And here is the finished product :). I understand this can get expensive, especially if you have a lot of horses. But, if you collect more over time, it isn't so bad! I usually just have them for my fragile resins, but I know Susan uses them for OF's, too! Feel free to asking questions or post suggestions!
Thanks again, Emily (and Susan, too!).

Wednesday, August 29, 2012

Ribbons postscript

My real life horse career hasn't been filled with championship ribbons, but my model horse career has definitely helped fill the void.
I have ribbons in the studio, 
ribbons in the basement, 
and ribbons in a box! 
Does anyone need some used show ribbons?

Show ribbons

When I was ten and a half years old, I started taking riding lessons at Eaton Canyon Riding Club.  Despite it's rather exclusive sounding name, this was a large, slightly run down, public riding stable with an active lesson program.  Every six months or so, the stable would host a schooling show for boarders and students.  Naturally, I wanted to participate.
My instructor, Ann, helped me sign up for a Novice Walk/Trot Equitation class.  I was allowed to ride one of my favorite school horses, Holly. 
It didn't go well.  There were seven entries in the class, and I tied for sixth.  My older sister pointed out that I probably should have placed seventh but the judge felt sorry for me.  Yeah, thanks.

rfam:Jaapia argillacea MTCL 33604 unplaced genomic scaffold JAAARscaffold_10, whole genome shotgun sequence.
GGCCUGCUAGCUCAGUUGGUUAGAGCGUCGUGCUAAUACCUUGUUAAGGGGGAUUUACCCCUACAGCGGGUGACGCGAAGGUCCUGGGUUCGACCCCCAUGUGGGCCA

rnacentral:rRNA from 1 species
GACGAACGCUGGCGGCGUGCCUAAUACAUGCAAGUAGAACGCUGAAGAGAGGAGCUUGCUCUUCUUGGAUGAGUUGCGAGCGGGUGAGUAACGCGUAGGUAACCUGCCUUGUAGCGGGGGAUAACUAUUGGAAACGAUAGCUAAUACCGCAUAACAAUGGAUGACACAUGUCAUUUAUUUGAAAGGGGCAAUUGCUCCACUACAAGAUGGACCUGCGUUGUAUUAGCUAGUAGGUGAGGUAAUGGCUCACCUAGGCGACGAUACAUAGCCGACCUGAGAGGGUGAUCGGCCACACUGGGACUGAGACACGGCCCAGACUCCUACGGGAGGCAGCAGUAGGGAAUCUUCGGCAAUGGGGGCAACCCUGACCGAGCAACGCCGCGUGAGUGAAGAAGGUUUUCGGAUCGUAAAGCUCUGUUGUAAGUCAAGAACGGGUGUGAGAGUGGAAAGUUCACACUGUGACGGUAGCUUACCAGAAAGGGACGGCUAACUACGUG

Fortunately, I did improve over time.  
Green pity ribbons gave way to pink, white and yellow ribbons.  I wasn't exactly wowing the judges, but at least I was no longer the worst rider in the ring.
And although I desperately wanted to win a blue ribbon just one time, I was a practical child.  I knew that a once a week lesson kid riding school horses and borrowed ponies had little chance of beating girls who rode six times a week, owned their own horses and had actual show clothes.
I tried and tried, but I never did manage to win a blue ribbon at Eaton Canyon Riding Club.  However, I did earn top honors elsewhere.
Time has not been kind to this formerly blue ribbon, but there's no mistaking the inscription on the middle streamer.  Once--just once--I did win First Place in an actual riding competition.
It happened the summer I was thirteen.  That was the year, I persuaded my parents to allow me to attend the Sierra Madre Girl Scout Council's "Cowgirl Corral" day camp.
The camp was held at Arroyo Seco Stables in South Pasadena.  In addition to lessons and boarding this barn also rented horses by the hour.  It was decidedly less upscale than ECRC, but I didn't care.  For one glorious week, I got to ride horses every single day in the big arena under the bridge.
photo by Claudette 12 on Flickr, used with permission
On the last day of camp, there was a competition to determine the week's All Around Champion rider.  This included a written test on general horse knowledge and a two class gymkhana.  At the end of the day, all three scores were combined to determine the winner.

Predictably, I aced the written test.  After that I climbed aboard a horse named Indian and earned a good but not great placing in the Egg and Spoon class.